The compact crossover template is now well established, and unlike its Yeti predecessor, the Skoda Karoq slots neatly into it. Rather than being a quirky, boxy crossover, it’s a slickly-styled SUV along the same lines (and based on the same platform) as the Seat Ateca and Volkswagen Tiguan.
It sits below the Kodiaq in Skoda’s range, and takes on board all of the “Simply Clever” touches the brand has become known for. But it’s nothing like as recognisable or unique as the car it replaces. So can the Karoq make up for its personality deficit in other areas?
Most buyers will plump for a diesel engine – either the entry-level 1.6-litre or the 2.0-litre as fitted to our test car. The 1.6-litre offers 113bhp, while the 2.0 has a useful 148bhp. Our car went from 0-60mph in 8.2 seconds, with a top speed of 121mph.
But the petrol models shouldn’t be discounted either. Though they do without the ample torque of the diesels, they’re every bit as fast, almost as economical, usefully cheaper and much lighter. You can opt for either a 113bhp 1.0-litre three-cylinder or a 148bhp 1.5, both turbocharged.
Buyers can choose between a six-speed manual gearbox or seven-speed dual-clutch automatic. We’d plump for a manual, as the automatic feels hesitant when setting off – and, like the diesel engines, it adds weight.
No Karoq is particularly fast but all engines can cope with a full compliment of people and their luggage, while the higher-end units are really well-suited to overtaking and long motorway cruises. Don’t hold out hope for a hot vRS version just yet.
Ride & Handling
It certainly doesn’t have the sporty intentions of its sister car, the Seat Ateca, but it hits back with a softer and more comfortable ride.
Keep things relaxed and you’ll have no issue with the way the Karoq steers and handles. It’s safe and secure, especially if you opt for four-wheel drive, and soaks up bumps very well.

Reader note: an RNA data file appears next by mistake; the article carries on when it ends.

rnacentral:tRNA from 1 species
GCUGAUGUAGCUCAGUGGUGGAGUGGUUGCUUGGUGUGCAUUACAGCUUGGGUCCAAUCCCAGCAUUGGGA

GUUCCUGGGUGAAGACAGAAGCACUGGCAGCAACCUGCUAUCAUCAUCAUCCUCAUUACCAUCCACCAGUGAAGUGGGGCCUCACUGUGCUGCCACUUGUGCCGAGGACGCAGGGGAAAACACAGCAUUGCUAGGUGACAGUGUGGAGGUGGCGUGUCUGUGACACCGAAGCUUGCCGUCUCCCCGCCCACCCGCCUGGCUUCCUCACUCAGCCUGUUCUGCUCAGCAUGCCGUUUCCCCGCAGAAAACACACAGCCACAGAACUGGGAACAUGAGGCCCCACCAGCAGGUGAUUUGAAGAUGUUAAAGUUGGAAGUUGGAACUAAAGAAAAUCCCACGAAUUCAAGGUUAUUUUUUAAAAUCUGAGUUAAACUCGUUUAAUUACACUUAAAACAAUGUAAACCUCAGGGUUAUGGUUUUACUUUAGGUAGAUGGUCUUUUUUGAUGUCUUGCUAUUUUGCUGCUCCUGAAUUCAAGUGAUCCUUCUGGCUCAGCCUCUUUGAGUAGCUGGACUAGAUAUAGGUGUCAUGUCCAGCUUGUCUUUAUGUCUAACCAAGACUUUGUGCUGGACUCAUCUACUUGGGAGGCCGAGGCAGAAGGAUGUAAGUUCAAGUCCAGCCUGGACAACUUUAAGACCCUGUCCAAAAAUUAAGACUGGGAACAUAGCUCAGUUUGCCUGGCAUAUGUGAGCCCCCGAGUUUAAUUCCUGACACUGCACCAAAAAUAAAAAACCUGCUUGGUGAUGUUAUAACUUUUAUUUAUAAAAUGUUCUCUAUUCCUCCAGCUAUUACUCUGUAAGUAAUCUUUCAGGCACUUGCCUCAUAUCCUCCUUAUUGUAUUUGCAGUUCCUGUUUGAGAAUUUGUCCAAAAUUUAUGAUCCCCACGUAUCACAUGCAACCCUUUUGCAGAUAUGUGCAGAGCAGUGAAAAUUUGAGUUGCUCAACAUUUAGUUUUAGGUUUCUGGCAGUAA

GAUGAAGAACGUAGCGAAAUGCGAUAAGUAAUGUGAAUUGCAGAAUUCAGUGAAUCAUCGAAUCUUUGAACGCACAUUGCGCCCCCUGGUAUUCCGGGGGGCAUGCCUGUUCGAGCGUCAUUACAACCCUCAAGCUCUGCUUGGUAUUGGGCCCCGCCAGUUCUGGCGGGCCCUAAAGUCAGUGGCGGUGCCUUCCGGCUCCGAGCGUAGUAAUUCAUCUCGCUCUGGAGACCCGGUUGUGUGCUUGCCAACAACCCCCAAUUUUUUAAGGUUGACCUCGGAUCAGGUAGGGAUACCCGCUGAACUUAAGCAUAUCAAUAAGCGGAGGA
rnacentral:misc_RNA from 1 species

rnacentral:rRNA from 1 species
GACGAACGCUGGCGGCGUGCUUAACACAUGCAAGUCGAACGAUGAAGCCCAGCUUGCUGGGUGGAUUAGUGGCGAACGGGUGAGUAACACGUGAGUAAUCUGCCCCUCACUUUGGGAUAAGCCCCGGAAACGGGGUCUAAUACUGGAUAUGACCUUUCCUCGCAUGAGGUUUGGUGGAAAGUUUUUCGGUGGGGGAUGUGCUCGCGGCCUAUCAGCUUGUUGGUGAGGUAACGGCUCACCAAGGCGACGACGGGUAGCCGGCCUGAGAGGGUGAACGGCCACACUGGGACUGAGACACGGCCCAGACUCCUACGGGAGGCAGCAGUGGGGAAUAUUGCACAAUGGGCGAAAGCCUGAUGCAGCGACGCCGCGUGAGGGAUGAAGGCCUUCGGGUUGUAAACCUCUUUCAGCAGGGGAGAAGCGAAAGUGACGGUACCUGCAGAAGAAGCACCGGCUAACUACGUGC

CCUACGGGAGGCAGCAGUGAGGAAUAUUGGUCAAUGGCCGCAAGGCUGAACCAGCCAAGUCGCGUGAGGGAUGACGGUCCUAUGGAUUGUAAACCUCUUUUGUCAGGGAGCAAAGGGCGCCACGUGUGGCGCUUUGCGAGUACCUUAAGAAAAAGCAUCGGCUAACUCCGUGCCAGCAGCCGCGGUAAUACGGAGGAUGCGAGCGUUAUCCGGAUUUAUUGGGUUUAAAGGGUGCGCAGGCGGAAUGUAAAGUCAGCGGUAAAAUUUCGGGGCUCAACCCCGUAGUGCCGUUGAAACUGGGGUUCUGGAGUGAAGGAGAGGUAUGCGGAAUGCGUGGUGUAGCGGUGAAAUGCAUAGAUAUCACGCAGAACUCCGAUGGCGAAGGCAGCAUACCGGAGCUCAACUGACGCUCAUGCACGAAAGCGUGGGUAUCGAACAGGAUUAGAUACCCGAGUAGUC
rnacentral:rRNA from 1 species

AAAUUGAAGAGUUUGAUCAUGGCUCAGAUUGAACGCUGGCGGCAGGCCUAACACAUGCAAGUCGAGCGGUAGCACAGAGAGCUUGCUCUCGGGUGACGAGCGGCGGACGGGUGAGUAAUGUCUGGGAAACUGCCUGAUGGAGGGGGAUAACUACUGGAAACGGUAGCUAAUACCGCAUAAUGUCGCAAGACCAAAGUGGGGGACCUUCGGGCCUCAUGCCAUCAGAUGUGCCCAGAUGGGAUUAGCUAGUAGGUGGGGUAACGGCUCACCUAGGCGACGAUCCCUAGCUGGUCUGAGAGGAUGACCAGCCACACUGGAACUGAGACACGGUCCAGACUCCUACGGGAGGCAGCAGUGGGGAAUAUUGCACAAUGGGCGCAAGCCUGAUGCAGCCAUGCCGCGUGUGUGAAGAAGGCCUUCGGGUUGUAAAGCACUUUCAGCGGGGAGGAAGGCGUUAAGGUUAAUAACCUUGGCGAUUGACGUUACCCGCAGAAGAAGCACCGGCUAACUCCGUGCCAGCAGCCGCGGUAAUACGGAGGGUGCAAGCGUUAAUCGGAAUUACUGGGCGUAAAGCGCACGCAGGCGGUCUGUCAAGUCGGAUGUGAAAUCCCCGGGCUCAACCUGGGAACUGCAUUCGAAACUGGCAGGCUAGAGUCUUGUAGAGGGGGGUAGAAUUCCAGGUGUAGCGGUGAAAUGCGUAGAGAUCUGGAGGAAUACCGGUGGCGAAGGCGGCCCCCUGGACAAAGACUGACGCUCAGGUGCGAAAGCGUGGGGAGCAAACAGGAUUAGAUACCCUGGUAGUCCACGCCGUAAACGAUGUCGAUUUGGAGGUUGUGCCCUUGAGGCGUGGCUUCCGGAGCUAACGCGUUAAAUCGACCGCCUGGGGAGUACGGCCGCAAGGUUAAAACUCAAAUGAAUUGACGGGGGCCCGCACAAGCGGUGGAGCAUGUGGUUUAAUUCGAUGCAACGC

The steering can be altered with the various driving modes, though we’d leave it in normal – sport mode simply makes it artificially heavy. It’s direct and accurate, but a bit numb.
Get onto the motorway and it’s quiet, refined, and cossetting. However, it’s a bit roly-poly on a twisting back road, and you certainly won’t be seeking out thrilling roads as you would in more dynamic cars.
Interior & Equipment
The interior is a real high point for the Karoq. It’s very roomy, accommodating five adults and their luggage without issue, but it’s also a high-quality product. Though Skoda is the VW Group’s budget brand, it doesn’t feel like it from the inside.
The interior is littered with clever touches, some of which are optional – such as the litter bin in the door pocket, or the tablet holders on the backs of the front seats. Visibility is good, and the infotainment system is lifted straight from the rest of the Volkswagen range – so it’s slick and easy to use.
It’s worth speccing the VarioFlex seating, which allows the rear bench to be configured in a multitude of ways. The individual seats can slide and recline, while if you need extra space they can even be removed altogether.
The Karoq starts from just under £21,000, which is reasonable compared to some of its rivals. Even range topping Edition trim barely crests £30,000. Our preferred model – a 1.5-litre petrol in SE L trim – comes in at just over £26,000.
Opting for the upgraded infotainment system on lower models is a pricey addition – over £2,000 – but other optional extras are reasonably priced.
At least the Karoq should be cheap to run, with competitive servicing packages and efficient engines. Road tax is £140 a year. Insurance groups range from Group 9, for the entry-level 1.0-litre petrol in SE trim, to Group 16 for the 2.0-litre diesel in Edition spec.
The Karoq is an accomplished crossover that will slot effortlessly into family life. It’s practical, comfortable, and packed with clever touches inside and out.
However it suffers from sibling rivalry, as its brother, the Seat Ateca, is just as good in these regards – but is more dynamic and enjoyable to drive.